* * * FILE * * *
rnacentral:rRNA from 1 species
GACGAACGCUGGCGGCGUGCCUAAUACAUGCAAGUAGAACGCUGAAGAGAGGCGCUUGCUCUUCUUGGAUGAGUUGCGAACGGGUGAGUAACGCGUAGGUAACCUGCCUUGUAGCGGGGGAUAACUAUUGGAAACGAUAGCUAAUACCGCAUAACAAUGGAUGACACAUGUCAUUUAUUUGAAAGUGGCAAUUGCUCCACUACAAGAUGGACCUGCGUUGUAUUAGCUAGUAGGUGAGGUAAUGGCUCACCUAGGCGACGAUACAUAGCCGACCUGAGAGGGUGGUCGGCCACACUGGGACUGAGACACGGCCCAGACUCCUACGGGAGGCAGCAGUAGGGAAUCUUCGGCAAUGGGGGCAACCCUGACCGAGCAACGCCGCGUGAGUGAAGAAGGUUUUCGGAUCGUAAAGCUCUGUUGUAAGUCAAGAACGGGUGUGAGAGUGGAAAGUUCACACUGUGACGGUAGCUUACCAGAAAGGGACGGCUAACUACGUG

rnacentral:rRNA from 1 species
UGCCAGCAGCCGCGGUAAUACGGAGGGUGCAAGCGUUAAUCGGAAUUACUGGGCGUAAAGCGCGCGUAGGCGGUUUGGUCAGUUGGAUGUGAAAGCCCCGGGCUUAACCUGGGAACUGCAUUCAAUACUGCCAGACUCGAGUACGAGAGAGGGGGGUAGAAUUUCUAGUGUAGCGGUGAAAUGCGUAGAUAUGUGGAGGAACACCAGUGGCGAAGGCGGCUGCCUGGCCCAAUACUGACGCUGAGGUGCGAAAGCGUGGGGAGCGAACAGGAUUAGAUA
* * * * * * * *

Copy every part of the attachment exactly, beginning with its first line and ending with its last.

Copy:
rnacentral:rRNA from 1 species
GACGAACGCUGGCGGCGUGCCUAAUACAUGCAAGUAGAACGCUGAAGAGAGGCGCUUGCUCUUCUUGGAUGAGUUGCGAACGGGUGAGUAACGCGUAGGUAACCUGCCUUGUAGCGGGGGAUAACUAUUGGAAACGAUAGCUAAUACCGCAUAACAAUGGAUGACACAUGUCAUUUAUUUGAAAGUGGCAAUUGCUCCACUACAAGAUGGACCUGCGUUGUAUUAGCUAGUAGGUGAGGUAAUGGCUCACCUAGGCGACGAUACAUAGCCGACCUGAGAGGGUGGUCGGCCACACUGGGACUGAGACACGGCCCAGACUCCUACGGGAGGCAGCAGUAGGGAAUCUUCGGCAAUGGGGGCAACCCUGACCGAGCAACGCCGCGUGAGUGAAGAAGGUUUUCGGAUCGUAAAGCUCUGUUGUAAGUCAAGAACGGGUGUGAGAGUGGAAAGUUCACACUGUGACGGUAGCUUACCAGAAAGGGACGGCUAACUACGUG

rnacentral:rRNA from 1 species
UGCCAGCAGCCGCGGUAAUACGGAGGGUGCAAGCGUUAAUCGGAAUUACUGGGCGUAAAGCGCGCGUAGGCGGUUUGGUCAGUUGGAUGUGAAAGCCCCGGGCUUAACCUGGGAACUGCAUUCAAUACUGCCAGACUCGAGUACGAGAGAGGGGGGUAGAAUUUCUAGUGUAGCGGUGAAAUGCGUAGAUAUGUGGAGGAACACCAGUGGCGAAGGCGGCUGCCUGGCCCAAUACUGACGCUGAGGUGCGAAAGCGUGGGGAGCGAACAGGAUUAGAUA